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While it is generally understood that the seedy reputation of Allan Gardens is the result of the seediness of the people who use it, such a conclusion cannot be drawn with much confidence if you spend any time in Allan Gardens. The other morning for instance -- in the soft city light that can make leafless branches and church spires and a gray sky as beautiful as the gaudiest moment of summer -- there were dog-walkers, and Tai-chi practitioners, and people on their way to work.

I'll admit that I saw one woman whose decision to wear stretch pants was ill-advised. And it's true, there was a man, sitting on a park bench smoking a cigar that did not smell as if it had come from Cuba. Not very recently, anyway. But other than that there was nothing remotely seedy about the people using Allan Gardens.

Nor is there anything low-rent about the park itself. The land was originally donated to the Toronto Horticultural Society in 1860 by George Allan, an early mayor, and it is one of Toronto's original public parks. It's handsomely laid-out, attractively landscaped with a kind of grande allée that runs through its middle, from Pembroke Street, south of Gerrard, to Homewood, north of Carlton. I can't think of an urban vista in downtown Toronto that compares. Spokes of sidewalks, lined with mature trees, extend to the corners of the park. And at the centre of everything is the grandly domed conservatory of the Palm House. It was built in 1909, and so isn't strictly Victorian. But the drooping fronds and the over-heated humidity sure feel Victorian to me.

In addition to all this splendour, the University of Toronto's old College Street greenhouses are currently being reconstructed in adjunct to the Palm House. A project financed by the City of Toronto, the University of Toronto and the TD Bank Financial Group, this will be the new Children's Horticultural Conservatory.

So what's with Allan Gardens? I have to wonder. It's not as if Toronto has so many beautiful downtown parks that I can afford to ignore one. But ignore it I do. I hardly ever think about Allan Gardens. I hardly ever go to Allan Gardens. And were visitors to ask me what to see in Toronto I would probably only remember the Palm House long after I'd waved them off to be bored to tears at Casa Loma.

The traditional explanation for Allan Gardens' image problem is that because of its proximity to addresses that are, shall we say, not the best, there are times of day -- and particularly times of night -- when, were you to stroll from the corner of Sherbourne and Gerrard to the corner of Carlton and Jarvis, you wouldn't meet the rector and his wife. Undoubtedly this is true. But I'm not sure it's the whole truth, and the other morning, while standing in Allan Gardens, I found myself wondering why it is that even when the park is full of blustery dog-walkers, energetic joggers and busy-looking people rushing off to their jobs, some faintly tawdry shadow hangs over it. Why does it seem down-at-the-heels when, in fact, it's anything but? By Toronto standards, Allan Gardens is spectacular.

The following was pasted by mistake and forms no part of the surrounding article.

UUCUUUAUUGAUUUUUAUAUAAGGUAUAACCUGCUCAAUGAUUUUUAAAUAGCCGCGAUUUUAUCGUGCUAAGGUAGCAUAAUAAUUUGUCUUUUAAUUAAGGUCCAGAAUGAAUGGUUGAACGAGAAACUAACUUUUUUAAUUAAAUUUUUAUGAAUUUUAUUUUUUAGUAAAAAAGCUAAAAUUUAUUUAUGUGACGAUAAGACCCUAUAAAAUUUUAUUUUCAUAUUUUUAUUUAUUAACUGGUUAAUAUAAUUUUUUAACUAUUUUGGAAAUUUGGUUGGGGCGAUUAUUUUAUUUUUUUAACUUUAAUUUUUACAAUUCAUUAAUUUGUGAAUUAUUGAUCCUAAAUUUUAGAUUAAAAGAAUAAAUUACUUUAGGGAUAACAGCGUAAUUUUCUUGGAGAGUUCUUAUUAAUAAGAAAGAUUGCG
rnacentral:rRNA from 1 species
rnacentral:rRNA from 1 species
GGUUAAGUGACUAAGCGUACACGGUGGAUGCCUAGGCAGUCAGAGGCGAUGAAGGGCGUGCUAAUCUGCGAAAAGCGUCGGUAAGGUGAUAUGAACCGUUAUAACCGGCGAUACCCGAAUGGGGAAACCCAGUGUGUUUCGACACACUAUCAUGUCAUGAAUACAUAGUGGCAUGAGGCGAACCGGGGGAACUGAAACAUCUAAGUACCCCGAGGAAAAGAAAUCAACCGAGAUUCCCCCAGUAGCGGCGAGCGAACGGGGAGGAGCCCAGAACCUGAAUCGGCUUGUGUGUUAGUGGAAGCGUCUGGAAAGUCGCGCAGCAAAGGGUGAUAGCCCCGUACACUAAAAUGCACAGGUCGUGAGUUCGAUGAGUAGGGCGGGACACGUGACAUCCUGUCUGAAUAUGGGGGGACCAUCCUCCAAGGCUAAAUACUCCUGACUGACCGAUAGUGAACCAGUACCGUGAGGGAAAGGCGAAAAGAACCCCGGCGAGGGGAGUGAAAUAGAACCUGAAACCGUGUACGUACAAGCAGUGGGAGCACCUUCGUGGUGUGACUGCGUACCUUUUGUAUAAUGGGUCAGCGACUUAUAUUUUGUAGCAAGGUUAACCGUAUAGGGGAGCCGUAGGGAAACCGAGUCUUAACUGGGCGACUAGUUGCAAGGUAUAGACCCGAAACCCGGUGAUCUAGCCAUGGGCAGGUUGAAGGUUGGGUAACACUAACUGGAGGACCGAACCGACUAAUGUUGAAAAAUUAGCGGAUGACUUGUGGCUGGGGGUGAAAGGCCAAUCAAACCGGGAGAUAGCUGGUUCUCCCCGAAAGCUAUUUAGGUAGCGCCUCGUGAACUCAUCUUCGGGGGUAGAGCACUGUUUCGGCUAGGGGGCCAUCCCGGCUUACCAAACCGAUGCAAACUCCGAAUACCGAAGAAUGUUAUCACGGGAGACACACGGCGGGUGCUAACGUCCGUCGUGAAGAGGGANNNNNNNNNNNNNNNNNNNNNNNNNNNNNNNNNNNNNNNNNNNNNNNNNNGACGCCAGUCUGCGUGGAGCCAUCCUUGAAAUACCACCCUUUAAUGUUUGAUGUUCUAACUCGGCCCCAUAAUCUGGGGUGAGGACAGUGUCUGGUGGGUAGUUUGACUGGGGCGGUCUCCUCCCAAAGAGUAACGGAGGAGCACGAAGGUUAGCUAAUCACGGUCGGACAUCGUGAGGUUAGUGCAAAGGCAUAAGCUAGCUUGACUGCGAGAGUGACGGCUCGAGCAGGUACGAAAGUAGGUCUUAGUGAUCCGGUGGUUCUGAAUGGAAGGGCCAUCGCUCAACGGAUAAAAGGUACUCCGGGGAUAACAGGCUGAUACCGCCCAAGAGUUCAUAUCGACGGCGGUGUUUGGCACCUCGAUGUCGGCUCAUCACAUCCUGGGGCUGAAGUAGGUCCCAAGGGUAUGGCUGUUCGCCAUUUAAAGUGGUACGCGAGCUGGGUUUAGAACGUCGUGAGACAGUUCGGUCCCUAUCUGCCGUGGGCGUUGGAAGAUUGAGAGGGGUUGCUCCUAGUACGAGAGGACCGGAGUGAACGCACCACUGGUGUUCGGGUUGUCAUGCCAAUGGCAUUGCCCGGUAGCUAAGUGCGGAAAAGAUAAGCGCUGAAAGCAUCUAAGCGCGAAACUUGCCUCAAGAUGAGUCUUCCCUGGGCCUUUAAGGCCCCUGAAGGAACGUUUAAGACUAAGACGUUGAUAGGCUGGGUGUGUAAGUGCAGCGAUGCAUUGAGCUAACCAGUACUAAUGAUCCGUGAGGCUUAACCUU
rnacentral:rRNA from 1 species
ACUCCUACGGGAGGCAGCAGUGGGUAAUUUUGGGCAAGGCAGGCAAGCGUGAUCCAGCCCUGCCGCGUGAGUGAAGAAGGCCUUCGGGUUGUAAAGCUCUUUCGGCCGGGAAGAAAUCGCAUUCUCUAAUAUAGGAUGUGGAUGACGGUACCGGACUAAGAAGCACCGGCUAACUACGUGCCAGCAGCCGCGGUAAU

It's not perfect. Some kind of modern-looking trellis thing has, for mysterious reasons, been established at the centre of it, and the City of Toronto must look long and hard to find signs that are as banal as the ones they use to identify municipal sites of interest. But still, it's a lovely spot -- all the lovelier for being right downtown, in Toronto. After all, how many grande allées and Edwardian botanical conservatories do you have in your neighbourhood? So why, I wonder, does Allan Gardens not figure more prominently among those public spaces of which Torontonians are most proud?

The answer can be found in the Garden View Apartments. This is not particularly fair to the Garden View Apartments -- a neatly kept building on the park's eastern flank that, by Toronto standards, is merely routinely ugly. The Garden View Apartments is no more hideous a piece of architecture than a half dozen others that border the east and north side of Allan Gardens. But its name makes it an irresistible example to make. Whoever its architect was -- and I think we can cross Frank Lloyd Wright off the list of possibilities -- he seems to have been aware that the residents of the Garden View Apartments would have a view of the park. What slipped his mind, though, is that people in the park would have a view of it.

Allan Gardens suffers as much from the haphazard cheapness of many of the buildings that surround it as it does from the not-entirely legal preoccupations of some of the people who can be found on its darker walkways. There may be good and not-so-good times to go for a walk in Allan Gardens, but the place has its dignity assaulted 24 hours a day by what the city has permitted to be established around it. Ugly high-rises, prosaic offices, unnecessarily large and garish commercial signs -- as much as the grand old trees and the graceful walks and the fantastical dome, these are the striking visual components of a visit to Allan Gardens. No wonder the place feels a little seedy. What a shame that the city doesn't make it clear that proximity to a civic treasure must come with some responsibility for not helping to ruin it.